I think it’s more important to get the best candidates to accept the job

The Young People's Librarian, 1938 This anonymous interview is with a job hunter who is currently employed (even if part-time or in an unrelated field), has not been hired within the last two months, and has been looking for a new position for six months to a year. This person is looking in Academic libraries, at the following levels: Entry level, Requiring at least two years of experience. This new grad/entry level applicant has internship/volunteering experience:

I’ve been at my current place of work almost three years, and though I was originally not hired in a library role, I’ve had increasing library responsibilities (and have been the sole librarian at the institution for the last two years). It’s been one year since I earned my MLIS.

This job hunter is in an urban area, in the Northeastern US and is willing to move anywhere that doesn’t get too much snow!.

What are the top three things you’re looking for in a job?

A place where I can learn and grow (and am given support and the budget to do so)
A place that lets me be autonomous, take risks, and if necessary, to change things up
A competitive salary in a place that doesn’t get too cold!

Where do you look for open positions?

Professional listservs, primarily. Sometimes ALA Joblist or INALJ.

Do you expect to see salary range listed in a job ad?

√ No (even if I might think it *should* be)

What’s your routine for preparing an application packet? How much time do you spend on it?

If I’ve applied for similar positions before (and since I’m looking for specific types of positions, I probably have), I don’t spend more than a couple of hours on the application packet. I first visit the website to learn a little more about the institution, looking especially for the mission statement of the institution and the library. Then I take a cover letter or two from a similar job posting, and rework it so that it speaks to the specific job description and institution. I then fill out all aspects of the application and look over my resume to make sure nothing needs to be added/changed/removed.

I honestly don’t spend too much time researching the institution before applying, because in my experience, I don’t get an interview for a majority of the places I send an application packet. I do a lot more research about the institution before a phone interview, and even more than that if I get an in-person interview.

Have you ever stretched the truth, exaggerated, or lied on your resume, or at some other point during the hiring process?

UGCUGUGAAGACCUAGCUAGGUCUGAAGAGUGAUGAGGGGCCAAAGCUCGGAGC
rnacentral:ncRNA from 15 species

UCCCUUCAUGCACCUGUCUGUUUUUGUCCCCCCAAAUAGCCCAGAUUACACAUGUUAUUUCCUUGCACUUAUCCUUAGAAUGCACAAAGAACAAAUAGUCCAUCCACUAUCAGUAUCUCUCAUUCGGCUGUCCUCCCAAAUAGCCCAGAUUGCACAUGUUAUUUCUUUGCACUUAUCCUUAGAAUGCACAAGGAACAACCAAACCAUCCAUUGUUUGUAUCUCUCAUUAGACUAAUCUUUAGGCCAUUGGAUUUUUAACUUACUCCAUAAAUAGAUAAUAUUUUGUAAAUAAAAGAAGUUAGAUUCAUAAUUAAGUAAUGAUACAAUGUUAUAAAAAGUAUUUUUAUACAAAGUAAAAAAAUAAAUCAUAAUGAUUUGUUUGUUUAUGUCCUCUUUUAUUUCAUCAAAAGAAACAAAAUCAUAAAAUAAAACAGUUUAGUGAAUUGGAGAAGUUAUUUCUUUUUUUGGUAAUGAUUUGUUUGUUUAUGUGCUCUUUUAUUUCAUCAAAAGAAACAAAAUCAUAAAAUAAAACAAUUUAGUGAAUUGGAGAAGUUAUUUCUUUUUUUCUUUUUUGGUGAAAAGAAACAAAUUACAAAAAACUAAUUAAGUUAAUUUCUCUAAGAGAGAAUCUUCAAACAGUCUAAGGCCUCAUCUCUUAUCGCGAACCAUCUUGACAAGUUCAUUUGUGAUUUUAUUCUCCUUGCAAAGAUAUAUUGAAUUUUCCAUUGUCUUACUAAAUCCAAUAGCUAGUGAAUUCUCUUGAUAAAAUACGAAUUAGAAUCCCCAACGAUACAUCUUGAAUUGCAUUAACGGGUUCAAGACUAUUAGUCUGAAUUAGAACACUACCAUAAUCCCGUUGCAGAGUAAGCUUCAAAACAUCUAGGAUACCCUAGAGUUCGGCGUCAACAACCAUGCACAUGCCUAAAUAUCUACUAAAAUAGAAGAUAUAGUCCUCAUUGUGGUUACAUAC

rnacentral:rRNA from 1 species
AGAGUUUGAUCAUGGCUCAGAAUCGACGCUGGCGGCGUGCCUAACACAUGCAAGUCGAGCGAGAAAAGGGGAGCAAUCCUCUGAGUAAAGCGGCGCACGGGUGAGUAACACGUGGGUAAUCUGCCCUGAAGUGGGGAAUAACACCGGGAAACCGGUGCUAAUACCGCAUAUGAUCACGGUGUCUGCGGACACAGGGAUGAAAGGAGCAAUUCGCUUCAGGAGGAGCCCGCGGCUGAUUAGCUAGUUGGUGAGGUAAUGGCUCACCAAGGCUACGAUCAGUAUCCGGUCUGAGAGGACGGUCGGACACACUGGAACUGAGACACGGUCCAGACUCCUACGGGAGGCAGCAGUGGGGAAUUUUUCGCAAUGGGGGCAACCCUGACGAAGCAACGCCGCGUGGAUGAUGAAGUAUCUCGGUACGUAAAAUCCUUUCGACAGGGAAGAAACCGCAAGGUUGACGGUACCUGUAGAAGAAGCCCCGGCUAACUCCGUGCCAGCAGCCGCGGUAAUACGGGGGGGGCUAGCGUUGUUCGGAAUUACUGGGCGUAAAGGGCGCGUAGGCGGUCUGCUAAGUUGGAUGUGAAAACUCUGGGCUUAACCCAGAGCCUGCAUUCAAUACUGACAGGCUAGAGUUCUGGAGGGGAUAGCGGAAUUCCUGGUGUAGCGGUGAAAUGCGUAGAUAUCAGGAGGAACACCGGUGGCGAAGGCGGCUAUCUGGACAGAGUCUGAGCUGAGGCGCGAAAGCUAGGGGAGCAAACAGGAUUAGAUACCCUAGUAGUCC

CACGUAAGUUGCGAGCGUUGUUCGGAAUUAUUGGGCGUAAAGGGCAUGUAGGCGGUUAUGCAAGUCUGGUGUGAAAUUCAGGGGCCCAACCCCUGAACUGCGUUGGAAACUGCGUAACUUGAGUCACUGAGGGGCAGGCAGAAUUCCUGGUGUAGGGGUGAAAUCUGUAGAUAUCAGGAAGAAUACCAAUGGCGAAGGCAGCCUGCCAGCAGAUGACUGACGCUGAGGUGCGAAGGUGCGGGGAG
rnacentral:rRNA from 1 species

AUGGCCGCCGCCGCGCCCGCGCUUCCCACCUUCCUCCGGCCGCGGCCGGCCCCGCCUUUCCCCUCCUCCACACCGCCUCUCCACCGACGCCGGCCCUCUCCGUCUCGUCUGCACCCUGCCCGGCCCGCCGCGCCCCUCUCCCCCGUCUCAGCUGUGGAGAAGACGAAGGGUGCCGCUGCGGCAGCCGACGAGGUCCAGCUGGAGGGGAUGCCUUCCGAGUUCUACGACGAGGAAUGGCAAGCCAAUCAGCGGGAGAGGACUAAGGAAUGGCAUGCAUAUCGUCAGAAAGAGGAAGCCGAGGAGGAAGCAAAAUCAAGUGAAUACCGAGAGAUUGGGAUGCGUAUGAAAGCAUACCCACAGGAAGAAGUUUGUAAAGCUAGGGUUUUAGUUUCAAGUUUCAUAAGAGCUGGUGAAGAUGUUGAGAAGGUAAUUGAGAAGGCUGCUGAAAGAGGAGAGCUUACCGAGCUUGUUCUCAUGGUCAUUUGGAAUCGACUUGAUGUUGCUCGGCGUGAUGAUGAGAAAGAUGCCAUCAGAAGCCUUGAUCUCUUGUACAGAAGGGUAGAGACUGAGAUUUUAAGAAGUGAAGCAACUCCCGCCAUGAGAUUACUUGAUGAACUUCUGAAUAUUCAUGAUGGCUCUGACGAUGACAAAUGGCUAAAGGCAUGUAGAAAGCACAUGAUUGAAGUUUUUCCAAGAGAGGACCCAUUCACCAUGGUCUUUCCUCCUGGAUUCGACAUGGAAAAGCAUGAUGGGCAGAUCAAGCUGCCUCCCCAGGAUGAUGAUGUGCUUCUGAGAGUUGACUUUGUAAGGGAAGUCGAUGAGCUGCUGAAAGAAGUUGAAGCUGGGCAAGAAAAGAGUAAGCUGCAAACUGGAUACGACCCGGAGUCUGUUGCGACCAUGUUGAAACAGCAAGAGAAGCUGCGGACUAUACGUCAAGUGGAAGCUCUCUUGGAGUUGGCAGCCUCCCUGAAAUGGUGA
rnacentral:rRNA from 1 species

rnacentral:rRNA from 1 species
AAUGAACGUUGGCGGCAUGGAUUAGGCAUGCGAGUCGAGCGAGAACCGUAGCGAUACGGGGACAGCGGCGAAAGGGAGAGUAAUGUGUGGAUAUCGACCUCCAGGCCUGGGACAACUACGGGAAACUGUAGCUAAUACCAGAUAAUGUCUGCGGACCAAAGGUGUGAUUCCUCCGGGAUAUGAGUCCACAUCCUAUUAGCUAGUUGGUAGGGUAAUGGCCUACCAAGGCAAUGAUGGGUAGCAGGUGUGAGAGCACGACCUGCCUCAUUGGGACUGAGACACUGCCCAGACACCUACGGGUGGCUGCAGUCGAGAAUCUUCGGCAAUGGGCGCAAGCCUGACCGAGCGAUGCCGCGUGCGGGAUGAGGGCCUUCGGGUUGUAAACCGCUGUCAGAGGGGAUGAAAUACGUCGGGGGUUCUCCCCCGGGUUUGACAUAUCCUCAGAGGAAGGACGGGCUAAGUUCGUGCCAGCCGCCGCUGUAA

√ Other: I might gloss over things or be vague, but it mak [text stops here]

When would you like employers to contact you?

√ To acknowledge my application
√ To tell me if I have or have not been selected to move on to the interview stage
√ To follow-up after an interview
√ Once the position has been filled, even if it’s not me
√ Other:  I don’t expect to be notified if I haven’t moved on to a first interview. But once I’ve been interviewed, I expect to be kept in the loop, no matter whether or not I’m progressing.

How do you prefer to communicate with potential employers?

√ Email

Which events during the interview/visit are most important to your assessment of the position (i.e. deciding if you want the job)?

√ Tour of facility
√ Meeting department members/potential co-workers
√ Meeting with HR to talk about benefits/salary

What do you think employers should do to get the best candidates to apply?

Widely advertise the job, I guess. I think it’s more important to get the best candidates to accept the job, which can be done by really making them feel welcome during the interview and by showing them why the institution would be a great place to work. And then of course, once you make the offer, be sure that the salary and benefits are competitive (or at least not insulting given the librarian’s qualifications).

What should employers do to make the hiring process less painful?

Be up front about salary and other benefits. It can save us both from wasting time.

What do you think is the secret to getting hired?

Still trying to figure this out!

For some context, take a look at the most recently published summary of responses.

Are you hunting for a new LIS job? Take the survey! http://tinyurl.com/hiringlibJOBHUNTERsurvey

This survey was co-authored by Naomi House from I Need A Library Job – Do you need one?  Check it out!

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Filed under Academic, Job hunter's survey, Northeastern US, Urban area

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